"People shouldn't waste their answer," she said. "Answering the religion question thoughtfully and honestly matters because it benefits all Australians when decisions on how to spend taxpayer dollars are made on sound data that accurately reflects modern-day Australia."
Nina Burleigh at Newsweek interviews Ensaf Haidar, tirless activist and wife of Raif Badawi.
One Hindu man is arrested in Pakistan Tuesday on blasphemy charges for allegedly desecrating a Quran (it's like there's a Quran desecration epidemic there or something), and the next day two young men are shot over the same allegation. One of them, 17-year-old Dewan Sateesh Kumar, died.
Snopes seeks to clarify that there's no evidence that Green Party presidential candidate Dr. Jill Stein is anti-vax. My beef was not that she was herself anti-vax, but that she pandered to anti-vaxxers, thus exacerbating the problem and legitimizing their position.
Pope Francis visits Auschwitz, and writes, "Lord, have mercy on your people. Lord, forgiveness for so much cruelty."
There may be a way to fight "superbugs," and the key is found in some people's snot.
Netflix binging can kill you. I assume because your brain shuts down after lengthy exposure to Fuller House.
Ben McLeay at SBS declares, "It’s about time we finally had a President with the supernatural ability to speak to animals using their mind."
Quote of the Day
This year I think I’ll be using a combination of alpenhorn and Moroccan Schikhatt dance, in conjunction with Morse code performed on the shells of Galapogean tortoises. Just to have a “theme.”
Linking to a story or webpage does not imply endorsement by Paul or CFI. Not every use of quotation marks is ironic or sarcastic, but it often is.
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The Morning Heresy: "I actually read it." - Hemant Mehta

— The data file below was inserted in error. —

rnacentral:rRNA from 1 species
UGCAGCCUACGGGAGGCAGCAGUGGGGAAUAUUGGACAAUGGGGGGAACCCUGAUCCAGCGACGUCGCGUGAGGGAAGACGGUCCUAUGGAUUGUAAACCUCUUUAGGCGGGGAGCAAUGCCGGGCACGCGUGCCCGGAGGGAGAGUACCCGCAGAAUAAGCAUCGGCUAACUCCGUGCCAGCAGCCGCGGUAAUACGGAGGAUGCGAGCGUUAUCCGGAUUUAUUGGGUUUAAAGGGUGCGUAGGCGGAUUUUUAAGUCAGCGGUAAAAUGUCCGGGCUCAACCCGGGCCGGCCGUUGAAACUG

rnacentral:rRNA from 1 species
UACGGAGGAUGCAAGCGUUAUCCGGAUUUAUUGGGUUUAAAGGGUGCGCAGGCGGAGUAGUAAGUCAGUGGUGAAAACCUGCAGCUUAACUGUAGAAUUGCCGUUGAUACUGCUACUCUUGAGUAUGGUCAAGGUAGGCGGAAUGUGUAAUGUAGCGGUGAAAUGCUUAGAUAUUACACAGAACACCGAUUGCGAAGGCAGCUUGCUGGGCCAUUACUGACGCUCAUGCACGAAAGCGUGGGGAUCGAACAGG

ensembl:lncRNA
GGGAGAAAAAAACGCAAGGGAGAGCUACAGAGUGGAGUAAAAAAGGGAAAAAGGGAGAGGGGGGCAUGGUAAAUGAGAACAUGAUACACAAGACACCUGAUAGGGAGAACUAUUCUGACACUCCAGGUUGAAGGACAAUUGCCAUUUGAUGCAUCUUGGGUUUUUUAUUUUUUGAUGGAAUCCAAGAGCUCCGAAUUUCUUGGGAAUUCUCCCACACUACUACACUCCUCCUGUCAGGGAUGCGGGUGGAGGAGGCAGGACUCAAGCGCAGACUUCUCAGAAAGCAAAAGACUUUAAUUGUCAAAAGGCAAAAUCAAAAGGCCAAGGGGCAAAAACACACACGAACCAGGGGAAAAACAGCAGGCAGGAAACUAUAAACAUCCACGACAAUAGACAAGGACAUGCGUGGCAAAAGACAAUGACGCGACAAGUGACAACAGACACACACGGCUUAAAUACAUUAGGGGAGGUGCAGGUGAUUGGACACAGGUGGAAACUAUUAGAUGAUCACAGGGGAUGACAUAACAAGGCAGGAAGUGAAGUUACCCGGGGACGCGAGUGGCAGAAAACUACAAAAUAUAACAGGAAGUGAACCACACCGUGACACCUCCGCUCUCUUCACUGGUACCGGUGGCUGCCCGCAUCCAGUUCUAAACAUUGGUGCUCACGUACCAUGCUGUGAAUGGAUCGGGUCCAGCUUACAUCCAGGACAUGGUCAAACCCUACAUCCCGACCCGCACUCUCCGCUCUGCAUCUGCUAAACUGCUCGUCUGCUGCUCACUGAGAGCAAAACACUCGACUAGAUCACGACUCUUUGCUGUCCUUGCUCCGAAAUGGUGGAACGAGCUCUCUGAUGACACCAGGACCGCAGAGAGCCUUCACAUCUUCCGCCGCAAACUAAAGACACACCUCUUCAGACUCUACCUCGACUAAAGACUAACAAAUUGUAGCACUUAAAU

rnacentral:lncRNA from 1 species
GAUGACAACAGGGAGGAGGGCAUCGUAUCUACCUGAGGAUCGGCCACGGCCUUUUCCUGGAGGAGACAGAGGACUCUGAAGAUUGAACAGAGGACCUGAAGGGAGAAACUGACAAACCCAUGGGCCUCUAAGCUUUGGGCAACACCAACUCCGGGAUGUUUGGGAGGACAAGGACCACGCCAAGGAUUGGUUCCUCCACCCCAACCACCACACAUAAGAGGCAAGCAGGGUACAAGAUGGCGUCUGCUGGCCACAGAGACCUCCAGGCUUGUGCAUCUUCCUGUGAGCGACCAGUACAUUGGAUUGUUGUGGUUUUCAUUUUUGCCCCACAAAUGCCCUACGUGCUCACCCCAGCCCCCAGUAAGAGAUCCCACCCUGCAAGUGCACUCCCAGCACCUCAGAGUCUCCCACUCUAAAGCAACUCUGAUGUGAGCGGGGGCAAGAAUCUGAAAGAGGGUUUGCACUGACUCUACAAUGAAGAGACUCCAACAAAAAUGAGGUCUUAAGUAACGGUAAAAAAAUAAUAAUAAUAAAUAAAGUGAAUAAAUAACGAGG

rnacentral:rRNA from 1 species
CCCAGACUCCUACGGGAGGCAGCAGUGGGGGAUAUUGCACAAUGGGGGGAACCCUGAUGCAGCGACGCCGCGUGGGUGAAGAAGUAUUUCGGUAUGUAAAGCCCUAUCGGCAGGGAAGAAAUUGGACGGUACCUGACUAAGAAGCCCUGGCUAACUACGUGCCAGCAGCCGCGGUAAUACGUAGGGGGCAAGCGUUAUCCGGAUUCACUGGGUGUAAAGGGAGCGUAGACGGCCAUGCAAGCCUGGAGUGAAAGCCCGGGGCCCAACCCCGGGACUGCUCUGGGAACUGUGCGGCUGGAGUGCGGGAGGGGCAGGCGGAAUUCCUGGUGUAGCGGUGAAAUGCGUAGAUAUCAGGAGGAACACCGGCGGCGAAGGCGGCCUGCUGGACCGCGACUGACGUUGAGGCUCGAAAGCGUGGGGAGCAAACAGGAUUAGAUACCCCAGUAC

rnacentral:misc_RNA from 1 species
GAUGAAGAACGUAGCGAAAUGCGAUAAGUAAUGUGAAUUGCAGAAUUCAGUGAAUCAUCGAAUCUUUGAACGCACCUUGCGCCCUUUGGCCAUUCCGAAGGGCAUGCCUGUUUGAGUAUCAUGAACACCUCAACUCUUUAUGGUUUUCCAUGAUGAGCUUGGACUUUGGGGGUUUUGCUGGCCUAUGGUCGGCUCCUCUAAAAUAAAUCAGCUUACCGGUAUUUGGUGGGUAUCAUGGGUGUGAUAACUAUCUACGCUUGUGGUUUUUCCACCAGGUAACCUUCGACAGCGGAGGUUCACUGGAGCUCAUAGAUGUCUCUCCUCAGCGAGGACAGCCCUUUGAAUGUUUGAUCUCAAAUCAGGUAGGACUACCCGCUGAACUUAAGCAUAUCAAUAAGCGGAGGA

#1 Randy (Guest) on Friday July 29, 2016 at 9:52am
“Star Trek > Star Wars”
Always worth repeating… even if the latest movie was rather meh, and made poor use of 3D.
#2 Randy (Guest) on Friday July 29, 2016 at 9:55am
“I believe in science”
This proves she doesn’t.
#3 Randy (Guest) on Friday July 29, 2016 at 10:01am
“Muslim American Khizr Khan”
I wonder if this man has ever said ANYTHING in such a public way about Iran, or Saudi Arabia, and their treatment of their own citizens (notably women and gay men). What about their terror attacks on the West, and on Muslims who are doing it wrong?
I’m guessing not.
Trump doesn’t have reasonable answers, but at least he is able to identify a problem, when we have one. When Hillary loses, this will be one reason why.
#4 Mrs Grimble (Guest) on Monday August 01, 2016 at 4:34am
“I wonder if this man has ever said ANYTHING in such a public way about Iran, or Saudi Arabia, and their treatment of their own citizens (notably women and gay men). What about their terror attacks on the West, and on Muslims who are doing it wrong?”
So Muslims everywhere have to say something about Islamic terrorism? During the 1970s, were Irish-Americans were told to condemm the IRA; were German-Americans were told to condemm the Bader-Meinhoff Gang and the Red Brigade? Were Italian-Americans lectured at any time whatsoever on how they had to condemm and dissasociate themselves from the Mafia?